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Microsoft-Walmart Partnership Takes Shape

Sometimes a customer is so big, and the engagement so broad, that Microsoft refers to the customer and the deal as a partnership. One such case is the Walmart deal unveiled over the summer, and details of the arrangement are starting to come into focus.

The companies announced a five-year agreement in July that included Walmart engaging in digital transformation projects with Microsoft and committing to enterprisewide use of Microsoft Azure cloud services and Microsoft 365, the end user package that includes Office 365, Windows 10 and Enterprise Mobility + Security (EMS) functionality.

As one of the first steps in the agreement, the companies on Monday unveiled that they would be jointly staffing a "cloud factory," basically an expansion of Walmart's existing technology center in Austin, Texas, early next year. In all there will be 30 technologists in the office, which will include an undisclosed number of Microsoft engineers mixed in with the Walmart technology specialists. Walmart is headquartered 550 miles away in Bentonville, Ark., but maintains the technology center in Texas to tap into Austin's vibrant tech community.

"With this partnership with Microsoft, we started talking, 'Hey, what's the best way to accelerate all the stuff we're doing here? We need help and expertise. We want to move fast. How do we partner our smart people with Microsoft's smart people?'" said Clay Johnson, Walmart executive vice president and enterprise chief information officer, in a Q&A that posted on Microsoft's site on Monday.

"Then it was obvious: 'Why don't we just co-locate the teams together.' We haven't done something like this before with co-location, but I think the outcomes are going to be huge and strengthen our partnership even more. You're going to see a lot more co-innovation around IoT, computer vision, big data and real-time analytics," Johnson said. "We're going to learn a lot from each other. We're going to learn a lot from Microsoft -- which apps make sense to get to the cloud quickly and which don't."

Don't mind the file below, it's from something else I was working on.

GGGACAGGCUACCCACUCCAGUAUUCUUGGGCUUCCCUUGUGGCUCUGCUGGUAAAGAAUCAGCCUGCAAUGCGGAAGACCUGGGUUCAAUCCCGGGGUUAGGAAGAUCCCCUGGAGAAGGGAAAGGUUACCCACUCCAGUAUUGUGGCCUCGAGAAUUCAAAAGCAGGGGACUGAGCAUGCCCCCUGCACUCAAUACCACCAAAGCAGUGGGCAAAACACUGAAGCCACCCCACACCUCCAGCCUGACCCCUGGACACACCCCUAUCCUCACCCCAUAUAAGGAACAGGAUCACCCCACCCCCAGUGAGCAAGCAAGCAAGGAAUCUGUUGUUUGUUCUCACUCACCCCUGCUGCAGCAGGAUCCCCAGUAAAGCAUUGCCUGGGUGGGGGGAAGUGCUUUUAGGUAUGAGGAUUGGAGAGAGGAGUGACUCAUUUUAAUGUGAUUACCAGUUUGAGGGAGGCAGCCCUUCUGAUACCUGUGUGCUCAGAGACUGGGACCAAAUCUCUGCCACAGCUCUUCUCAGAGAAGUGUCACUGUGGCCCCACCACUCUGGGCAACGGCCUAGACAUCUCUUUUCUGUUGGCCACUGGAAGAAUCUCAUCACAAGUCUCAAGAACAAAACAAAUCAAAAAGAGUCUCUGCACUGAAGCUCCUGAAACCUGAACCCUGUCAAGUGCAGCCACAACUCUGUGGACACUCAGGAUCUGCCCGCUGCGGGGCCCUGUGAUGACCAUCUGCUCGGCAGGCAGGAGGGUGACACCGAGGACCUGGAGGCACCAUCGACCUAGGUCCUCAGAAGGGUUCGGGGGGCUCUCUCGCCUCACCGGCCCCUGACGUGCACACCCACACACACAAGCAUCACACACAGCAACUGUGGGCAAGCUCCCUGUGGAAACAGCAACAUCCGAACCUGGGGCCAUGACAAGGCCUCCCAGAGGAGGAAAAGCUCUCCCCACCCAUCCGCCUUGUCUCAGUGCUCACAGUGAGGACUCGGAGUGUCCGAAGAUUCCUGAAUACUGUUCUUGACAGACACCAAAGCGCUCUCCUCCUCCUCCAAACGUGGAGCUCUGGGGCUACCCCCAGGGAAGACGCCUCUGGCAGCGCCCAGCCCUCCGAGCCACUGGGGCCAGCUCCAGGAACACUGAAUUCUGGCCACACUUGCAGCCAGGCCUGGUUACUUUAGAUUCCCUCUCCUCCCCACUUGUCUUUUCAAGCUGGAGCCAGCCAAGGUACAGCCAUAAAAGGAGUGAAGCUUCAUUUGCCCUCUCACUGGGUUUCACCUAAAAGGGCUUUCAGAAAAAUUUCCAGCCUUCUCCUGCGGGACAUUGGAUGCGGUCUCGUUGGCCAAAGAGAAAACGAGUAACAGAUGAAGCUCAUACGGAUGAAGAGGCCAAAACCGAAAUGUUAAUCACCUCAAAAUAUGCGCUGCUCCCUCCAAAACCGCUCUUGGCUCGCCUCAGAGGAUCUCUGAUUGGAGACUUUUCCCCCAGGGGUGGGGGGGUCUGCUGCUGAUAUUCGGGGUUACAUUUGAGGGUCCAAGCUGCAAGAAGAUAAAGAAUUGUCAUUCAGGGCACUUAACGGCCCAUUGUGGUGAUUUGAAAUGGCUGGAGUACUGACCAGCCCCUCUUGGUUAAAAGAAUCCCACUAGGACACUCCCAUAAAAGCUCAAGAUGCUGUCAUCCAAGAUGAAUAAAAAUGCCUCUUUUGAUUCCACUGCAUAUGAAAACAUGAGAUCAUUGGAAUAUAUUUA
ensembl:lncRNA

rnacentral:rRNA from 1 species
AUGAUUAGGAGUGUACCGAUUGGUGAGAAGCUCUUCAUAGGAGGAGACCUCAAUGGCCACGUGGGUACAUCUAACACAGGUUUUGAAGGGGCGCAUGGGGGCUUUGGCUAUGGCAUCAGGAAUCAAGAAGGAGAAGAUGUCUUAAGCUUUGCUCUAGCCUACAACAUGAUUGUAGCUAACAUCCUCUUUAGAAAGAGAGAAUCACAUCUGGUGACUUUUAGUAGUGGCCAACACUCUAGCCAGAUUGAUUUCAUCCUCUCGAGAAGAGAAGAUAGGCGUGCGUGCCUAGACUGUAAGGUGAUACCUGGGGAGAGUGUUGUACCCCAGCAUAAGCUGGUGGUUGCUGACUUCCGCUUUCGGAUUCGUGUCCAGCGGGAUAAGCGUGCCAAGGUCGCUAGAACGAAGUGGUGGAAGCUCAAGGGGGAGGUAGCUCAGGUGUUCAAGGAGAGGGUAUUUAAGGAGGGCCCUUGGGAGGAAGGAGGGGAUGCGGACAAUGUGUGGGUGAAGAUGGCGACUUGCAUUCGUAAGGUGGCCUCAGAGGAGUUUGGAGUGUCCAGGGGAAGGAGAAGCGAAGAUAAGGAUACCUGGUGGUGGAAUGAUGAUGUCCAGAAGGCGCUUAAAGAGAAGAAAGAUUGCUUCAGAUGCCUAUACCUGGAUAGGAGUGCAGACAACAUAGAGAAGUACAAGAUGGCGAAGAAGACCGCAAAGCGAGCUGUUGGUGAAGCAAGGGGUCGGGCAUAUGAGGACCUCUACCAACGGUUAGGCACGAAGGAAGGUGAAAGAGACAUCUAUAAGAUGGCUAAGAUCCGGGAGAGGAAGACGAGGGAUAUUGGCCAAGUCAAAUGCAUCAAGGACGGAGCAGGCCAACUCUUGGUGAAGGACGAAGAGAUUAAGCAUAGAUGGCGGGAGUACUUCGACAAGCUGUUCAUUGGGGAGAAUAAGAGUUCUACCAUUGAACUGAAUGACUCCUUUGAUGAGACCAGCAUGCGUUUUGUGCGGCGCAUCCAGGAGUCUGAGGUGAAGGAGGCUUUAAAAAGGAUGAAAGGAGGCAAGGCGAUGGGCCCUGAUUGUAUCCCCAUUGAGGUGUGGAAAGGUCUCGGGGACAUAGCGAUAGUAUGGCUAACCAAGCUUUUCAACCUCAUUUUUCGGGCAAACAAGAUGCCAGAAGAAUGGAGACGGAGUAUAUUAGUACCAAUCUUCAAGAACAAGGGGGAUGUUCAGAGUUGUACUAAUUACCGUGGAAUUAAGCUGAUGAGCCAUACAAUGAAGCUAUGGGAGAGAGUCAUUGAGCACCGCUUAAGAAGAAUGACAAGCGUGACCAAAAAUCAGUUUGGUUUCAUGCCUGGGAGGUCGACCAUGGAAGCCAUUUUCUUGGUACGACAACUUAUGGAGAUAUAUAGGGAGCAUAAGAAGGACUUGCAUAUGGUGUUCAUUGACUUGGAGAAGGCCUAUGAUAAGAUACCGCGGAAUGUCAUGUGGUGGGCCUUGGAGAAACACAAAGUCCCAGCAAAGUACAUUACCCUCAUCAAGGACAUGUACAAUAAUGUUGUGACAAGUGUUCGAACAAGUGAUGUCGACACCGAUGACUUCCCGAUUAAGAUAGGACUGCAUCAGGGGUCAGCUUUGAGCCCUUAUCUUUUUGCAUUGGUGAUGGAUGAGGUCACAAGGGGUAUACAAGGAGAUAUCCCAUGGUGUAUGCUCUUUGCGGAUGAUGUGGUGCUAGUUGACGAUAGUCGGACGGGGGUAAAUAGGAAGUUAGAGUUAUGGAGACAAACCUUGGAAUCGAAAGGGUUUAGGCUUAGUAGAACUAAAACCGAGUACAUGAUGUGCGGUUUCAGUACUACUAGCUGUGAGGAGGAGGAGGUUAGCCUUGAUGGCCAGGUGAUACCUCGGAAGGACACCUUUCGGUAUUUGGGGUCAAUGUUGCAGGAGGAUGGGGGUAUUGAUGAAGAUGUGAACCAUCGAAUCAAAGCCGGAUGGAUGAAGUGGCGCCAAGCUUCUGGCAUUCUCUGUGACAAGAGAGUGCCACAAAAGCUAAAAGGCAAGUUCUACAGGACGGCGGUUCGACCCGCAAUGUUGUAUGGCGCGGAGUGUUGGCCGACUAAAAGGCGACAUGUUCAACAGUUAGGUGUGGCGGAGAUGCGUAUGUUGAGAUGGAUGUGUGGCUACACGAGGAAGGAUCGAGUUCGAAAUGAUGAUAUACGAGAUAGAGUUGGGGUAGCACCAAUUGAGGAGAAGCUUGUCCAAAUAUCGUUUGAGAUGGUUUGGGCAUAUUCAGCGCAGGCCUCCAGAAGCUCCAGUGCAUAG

The cloud factory's assignment includes a lot of the types of projects Microsoft has been routinely encouraging customers to undertake. In the lift-and-shift category, they'll be migrating thousands of internal Walmart business applications to Azure. The team will also be building new, cloud-native applications.

Beyond modernizing applications into the Azure cloud platform, the collaboration will include work on emerging technologies. For one thing, Walmart already has Internet of Things (IoT) sensors in a lot of locations.

"With our IoT work and sensor enablement, we're looking at our energy consumption and other factors to predict equipment failures before they happen. Improving equipment performance can result in enhanced energy efficiency, which lowers costs and our carbon footprint," Johnson said. "Putting IoT data into edge analytics lets us look at data at a store level and backhaul it to Azure to look at it across a region or the whole U.S. We started talking to Microsoft about this concept of a set of stores being a 'micro-cloud,' and you roll them into Azure for data analytics and insights."

Artificial intelligence (AI), chatbots and natural language processing -- three more hot areas of digital transformation -- will also get tested at a massive scale in the Walmart environment, spearheaded by the Austin-based joint team.

Projects will include internal chatbots designed to help Walmart's 2.2 million employees navigate benefits, chatbots for managing supplier interactions, and natural language processing of terabytes of unstructured text to improve business operations.

"Microsoft's going to get to see stuff at a scale they've never seen before," Johnson said of the Walmart environment. The retailer had $500 billion in revenues in fiscal 2018 and operates 11,200 stores worldwide. "I think they'll learn a lot from our footprint. Co-locating top engineers from both companies will deepen the technical brainpower for creating disruptive, large-scale enterprise solutions for Walmart."

Posted by Scott Bekker on November 05, 2018 at 1:10 PM


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